On Tue, 8 Mar 2005, Matthew Cockerill wrote:
> What I am saying is that there is huge scope for the scientific community to
> 'add value' to published scientific research in various ways.
OA is not about adding value, it is about accessing published peer-reviewed
journal articles (with the value already in them).
> Adding value to the literature is made dramatically easier (and therefore
> are much more likely to happen) if the scientific research concerned can be
> downloaded in a structured XML form.
Are you referring to articles here or research data? If research data, we are
talking apples and oranges, because OA is about articles. If you are talking
about articles, what is the XML problem? (If it ever becomes indispensable,
authors can XML-ize their own articles; but I doubt they will think it's
worth the trouble, and that's the point!)
> I can perhaps clarify what I mean by "added value" with an analogy.
> Take the new service Google Maps <http://maps.google.com>
Maps are data we use. Texts are literature we read. Database collection,
enhancement and provision are irrelevant to OA, which is about access to
articles, written by authors and given away by them for research impact.
> Structured information includes: reliably and consistently formatted
> bibliographic citation information, mathematical formulae, chemical
> structures, figure legends, author affiliation information etc etc. Sure,
> much of this can be partially reverse-engineered from an unstructured
> version of the document, but this process is complex, error-prone and a
> major unnecessary hurdle to re-use. The more hurdles there are, the less
> chance there is that any given idea for adding value will see the light of
> day. It's not simply a question of whether something is possible - we need
> to be making it *easy* to add value to the data.
The many would-be users who cannot afford it have no access to 80% of
these articles today, and you are worrying about reliability of formatting?
How about settling for making it 100% accessible to everyone first? Then
we can talk about adding more value...
> Stevan, I know that you will object that some of these things could
> theoretically be achieved without access to the XML, and without rights to
> redistribution, but my point is not that these things are *impossible* in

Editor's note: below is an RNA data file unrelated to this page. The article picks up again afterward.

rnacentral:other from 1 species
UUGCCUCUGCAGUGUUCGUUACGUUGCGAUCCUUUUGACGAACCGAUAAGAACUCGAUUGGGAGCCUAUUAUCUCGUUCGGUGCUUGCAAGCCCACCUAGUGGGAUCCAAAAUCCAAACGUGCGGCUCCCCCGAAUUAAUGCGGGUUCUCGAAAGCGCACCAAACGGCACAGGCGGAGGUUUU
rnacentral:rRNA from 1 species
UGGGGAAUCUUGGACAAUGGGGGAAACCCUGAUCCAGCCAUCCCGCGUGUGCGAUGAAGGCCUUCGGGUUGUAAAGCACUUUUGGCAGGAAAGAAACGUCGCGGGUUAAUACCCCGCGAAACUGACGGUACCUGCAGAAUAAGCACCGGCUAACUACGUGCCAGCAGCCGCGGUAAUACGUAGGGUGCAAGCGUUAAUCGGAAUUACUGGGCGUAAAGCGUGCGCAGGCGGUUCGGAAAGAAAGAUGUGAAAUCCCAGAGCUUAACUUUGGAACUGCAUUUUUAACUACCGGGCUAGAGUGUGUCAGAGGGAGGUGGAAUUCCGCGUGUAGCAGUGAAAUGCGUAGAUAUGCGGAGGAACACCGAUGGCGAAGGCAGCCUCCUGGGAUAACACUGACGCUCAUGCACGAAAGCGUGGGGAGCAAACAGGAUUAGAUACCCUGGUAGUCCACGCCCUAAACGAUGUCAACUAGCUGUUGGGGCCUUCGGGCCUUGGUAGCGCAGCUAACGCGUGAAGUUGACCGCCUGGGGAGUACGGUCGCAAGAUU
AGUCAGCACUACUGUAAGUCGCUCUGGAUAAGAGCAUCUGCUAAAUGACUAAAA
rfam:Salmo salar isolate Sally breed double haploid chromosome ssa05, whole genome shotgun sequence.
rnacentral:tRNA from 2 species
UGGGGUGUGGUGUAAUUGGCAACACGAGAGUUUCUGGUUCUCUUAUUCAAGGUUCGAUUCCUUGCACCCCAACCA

> the absence of structured XML and rights for reuse/redistribution, but that
> all are made immeasurably *easier* if freely re-distributable structured
> data is available. The practical result of this is that making the
> re-usable and re-distributable XML available has an immensely stimulating
> effect on innovation.
I don't dispute that; I'm just pointing out that it's the ("added-value")
tail wagging the (80% non-existent) dog right now!
> * Image mining/reuse
If authors want their data or images re-used, they can self-archive them on
their own sites (and link them to the publisher's official version of record too).
> * Text mining
Ditto for text.
> * Antbase
> * PubMed's Bookshelf
Irrelevant: OA's target now is the 2.5 million annual articles in the 24,000
peer-reviewed journals. Every one of those articles is an author give-away. Not
so, in general, for books. So don't hitch their fates. (Let those authors who want
to self-archive their books do so...)
> mathematical formulae.
Do it in your self-archived version.
> * Biological database linking
Irrelevant. If the data are OA, link to them. If you want to make your data OA,
Data-archiving again. See:
> Again, I'm not saying that all the above is *impossible* with self-archived
> material in unstructured form.
Nor is it impossible to structure self-archived material!
> a whole lot more... will be
> achievable once the bulk of the scientific literature is fully open access
> in the Bethesda/Berlin/Budapest sense (i.e. available in a structured form,
> and fully redistributable).
No doubt. But almost as much will be achievable if it is just made OA in the
sense that pre-dates and post-dates this needless pre-emptive complexification:
Immediate, permanent, full-text, online access, free for all users.
That's OA (and we only have 20% of it today). Let's talk about the icing
when we have 100% of the cake!
> But in the long term, is it really the best use of resources invested by the
> funder/employer for researchers to spend their time self-archiving their
Yes, that 6-10 minutes of keystrokes per article is eminently well spent!
(Les Carr will shortly have a paper with the empirical timing data
> identifying any significant changes which happened during
> post-acceptance proofing and copy-editing
Only as important as the changes are significant (i.e., not much!).
> reconciling their various versions
Reconciling versions for what? The official version of record is safely on the
publisher's website, for those users who can afford it, as it always was. With
self-archiving, the author's supplementary version is available for all those
users who cannot afford the official version. The refereed, accepted final
draft is already the difference between night and day for those users, and
you are talking about a bit of photomoter fine-tuning (when it is still 80%
> coordinating XML markup etc?
For those who wish to bother: let them go ahead!
> Surely this can far more efficiently
> be taken care of as an inherent part of the publishing process, rather than
> being tacked on the end?
Indeed! But as only 5% of journals (at most!) are currently offering to do this,
can we get back to the 95% solution?